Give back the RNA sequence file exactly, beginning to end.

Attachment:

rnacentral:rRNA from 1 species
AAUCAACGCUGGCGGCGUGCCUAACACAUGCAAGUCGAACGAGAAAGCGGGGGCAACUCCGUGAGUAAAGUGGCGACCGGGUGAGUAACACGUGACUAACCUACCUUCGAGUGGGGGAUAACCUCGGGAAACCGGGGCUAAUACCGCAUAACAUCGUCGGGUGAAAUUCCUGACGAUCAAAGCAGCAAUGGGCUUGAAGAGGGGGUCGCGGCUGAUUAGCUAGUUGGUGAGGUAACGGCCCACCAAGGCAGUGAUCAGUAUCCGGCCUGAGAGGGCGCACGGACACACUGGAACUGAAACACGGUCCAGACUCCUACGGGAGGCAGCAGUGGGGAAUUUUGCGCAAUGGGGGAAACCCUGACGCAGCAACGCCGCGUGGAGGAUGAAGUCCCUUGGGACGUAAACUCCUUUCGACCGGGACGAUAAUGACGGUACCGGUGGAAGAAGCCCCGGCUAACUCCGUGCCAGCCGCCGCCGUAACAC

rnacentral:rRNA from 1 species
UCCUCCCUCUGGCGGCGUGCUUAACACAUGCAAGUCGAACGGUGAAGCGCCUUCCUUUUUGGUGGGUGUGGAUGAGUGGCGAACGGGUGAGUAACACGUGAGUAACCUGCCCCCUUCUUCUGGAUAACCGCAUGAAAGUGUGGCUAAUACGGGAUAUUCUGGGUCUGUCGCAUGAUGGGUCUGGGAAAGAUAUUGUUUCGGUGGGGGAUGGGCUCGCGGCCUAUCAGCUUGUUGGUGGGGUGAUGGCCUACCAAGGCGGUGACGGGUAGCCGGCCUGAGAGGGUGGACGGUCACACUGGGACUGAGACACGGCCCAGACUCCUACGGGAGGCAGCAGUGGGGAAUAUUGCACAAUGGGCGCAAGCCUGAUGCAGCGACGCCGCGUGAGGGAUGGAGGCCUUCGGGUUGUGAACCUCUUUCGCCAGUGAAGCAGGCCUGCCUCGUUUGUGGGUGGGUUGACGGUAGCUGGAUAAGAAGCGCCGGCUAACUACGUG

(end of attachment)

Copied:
rnacentral:rRNA from 1 species
AAUCAACGCUGGCGGCGUGCCUAACACAUGCAAGUCGAACGAGAAAGCGGGGGCAACUCCGUGAGUAAAGUGGCGACCGGGUGAGUAACACGUGACUAACCUACCUUCGAGUGGGGGAUAACCUCGGGAAACCGGGGCUAAUACCGCAUAACAUCGUCGGGUGAAAUUCCUGACGAUCAAAGCAGCAAUGGGCUUGAAGAGGGGGUCGCGGCUGAUUAGCUAGUUGGUGAGGUAACGGCCCACCAAGGCAGUGAUCAGUAUCCGGCCUGAGAGGGCGCACGGACACACUGGAACUGAAACACGGUCCAGACUCCUACGGGAGGCAGCAGUGGGGAAUUUUGCGCAAUGGGGGAAACCCUGACGCAGCAACGCCGCGUGGAGGAUGAAGUCCCUUGGGACGUAAACUCCUUUCGACCGGGACGAUAAUGACGGUACCGGUGGAAGAAGCCCCGGCUAACUCCGUGCCAGCCGCCGCCGUAACAC

rnacentral:rRNA from 1 species
UCCUCCCUCUGGCGGCGUGCUUAACACAUGCAAGUCGAACGGUGAAGCGCCUUCCUUUUUGGUGGGUGUGGAUGAGUGGCGAACGGGUGAGUAACACGUGAGUAACCUGCCCCCUUCUUCUGGAUAACCGCAUGAAAGUGUGGCUAAUACGGGAUAUUCUGGGUCUGUCGCAUGAUGGGUCUGGGAAAGAUAUUGUUUCGGUGGGGGAUGGGCUCGCGGCCUAUCAGCUUGUUGGUGGGGUGAUGGCCUACCAAGGCGGUGACGGGUAGCCGGCCUGAGAGGGUGGACGGUCACACUGGGACUGAGACACGGCCCAGACUCCUACGGGAGGCAGCAGUGGGGAAUAUUGCACAAUGGGCGCAAGCCUGAUGCAGCGACGCCGCGUGAGGGAUGGAGGCCUUCGGGUUGUGAACCUCUUUCGCCAGUGAAGCAGGCCUGCCUCGUUUGUGGGUGGGUUGACGGUAGCUGGAUAAGAAGCGCCGGCUAACUACGUG